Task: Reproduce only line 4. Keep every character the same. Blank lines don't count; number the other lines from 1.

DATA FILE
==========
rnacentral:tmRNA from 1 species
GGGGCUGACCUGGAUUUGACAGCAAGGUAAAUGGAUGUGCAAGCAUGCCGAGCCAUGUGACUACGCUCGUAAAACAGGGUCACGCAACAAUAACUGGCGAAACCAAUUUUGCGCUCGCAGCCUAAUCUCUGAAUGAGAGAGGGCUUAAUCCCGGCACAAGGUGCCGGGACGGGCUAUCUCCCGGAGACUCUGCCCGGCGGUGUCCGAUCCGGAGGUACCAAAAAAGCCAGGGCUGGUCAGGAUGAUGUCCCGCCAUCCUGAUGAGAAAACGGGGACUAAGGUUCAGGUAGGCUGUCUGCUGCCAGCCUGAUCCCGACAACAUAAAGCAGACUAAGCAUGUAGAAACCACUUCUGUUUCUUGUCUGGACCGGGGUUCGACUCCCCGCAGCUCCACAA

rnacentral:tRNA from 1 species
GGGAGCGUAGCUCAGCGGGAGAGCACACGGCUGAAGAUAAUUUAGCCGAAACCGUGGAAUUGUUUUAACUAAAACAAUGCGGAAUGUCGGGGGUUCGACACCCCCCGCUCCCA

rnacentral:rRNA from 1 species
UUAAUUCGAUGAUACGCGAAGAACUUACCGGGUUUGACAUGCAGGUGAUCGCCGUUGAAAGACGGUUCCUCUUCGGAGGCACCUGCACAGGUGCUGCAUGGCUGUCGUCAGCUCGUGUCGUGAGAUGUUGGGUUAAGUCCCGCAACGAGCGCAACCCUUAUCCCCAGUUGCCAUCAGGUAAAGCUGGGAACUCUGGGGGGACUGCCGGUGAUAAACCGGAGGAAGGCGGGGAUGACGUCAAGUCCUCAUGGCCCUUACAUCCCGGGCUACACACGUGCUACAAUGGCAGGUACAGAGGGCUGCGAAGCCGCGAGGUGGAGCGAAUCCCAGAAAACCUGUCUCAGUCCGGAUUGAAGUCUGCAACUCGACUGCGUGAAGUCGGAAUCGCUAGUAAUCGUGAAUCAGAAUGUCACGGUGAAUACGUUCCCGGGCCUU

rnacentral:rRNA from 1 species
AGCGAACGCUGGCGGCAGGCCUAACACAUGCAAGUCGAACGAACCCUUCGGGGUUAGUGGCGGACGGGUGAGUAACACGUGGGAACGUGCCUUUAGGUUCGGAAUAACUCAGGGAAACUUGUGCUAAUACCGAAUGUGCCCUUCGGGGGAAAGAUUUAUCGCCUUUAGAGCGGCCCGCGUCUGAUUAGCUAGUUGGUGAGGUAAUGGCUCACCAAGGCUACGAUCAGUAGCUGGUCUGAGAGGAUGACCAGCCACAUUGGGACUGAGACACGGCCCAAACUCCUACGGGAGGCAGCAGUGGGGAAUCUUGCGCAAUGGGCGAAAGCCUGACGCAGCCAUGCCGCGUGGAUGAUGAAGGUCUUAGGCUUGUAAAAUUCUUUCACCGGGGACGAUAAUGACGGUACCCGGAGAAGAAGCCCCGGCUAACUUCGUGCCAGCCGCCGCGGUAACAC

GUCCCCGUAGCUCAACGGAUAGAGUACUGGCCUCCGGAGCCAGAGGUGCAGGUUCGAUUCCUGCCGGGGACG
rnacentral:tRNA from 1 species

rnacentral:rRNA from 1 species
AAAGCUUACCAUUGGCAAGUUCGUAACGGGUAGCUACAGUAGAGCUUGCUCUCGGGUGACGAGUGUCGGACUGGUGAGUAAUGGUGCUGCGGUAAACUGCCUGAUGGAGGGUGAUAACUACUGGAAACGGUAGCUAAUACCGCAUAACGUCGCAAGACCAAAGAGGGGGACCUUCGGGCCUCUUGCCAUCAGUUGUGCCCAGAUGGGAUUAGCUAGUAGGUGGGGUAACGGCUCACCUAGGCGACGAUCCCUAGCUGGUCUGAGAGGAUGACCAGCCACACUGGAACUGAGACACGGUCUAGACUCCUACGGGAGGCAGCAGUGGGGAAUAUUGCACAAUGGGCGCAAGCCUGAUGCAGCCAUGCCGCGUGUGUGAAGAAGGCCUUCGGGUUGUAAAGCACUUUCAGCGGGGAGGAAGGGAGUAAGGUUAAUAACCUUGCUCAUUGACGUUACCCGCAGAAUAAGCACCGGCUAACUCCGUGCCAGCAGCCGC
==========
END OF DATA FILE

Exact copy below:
GGGAGCGUAGCUCAGCGGGAGAGCACACGGCUGAAGAUAAUUUAGCCGAAACCGUGGAAUUGUUUUAACUAAAACAAUGCGGAAUGUCGGGGGUUCGACACCCCCCGCUCCCA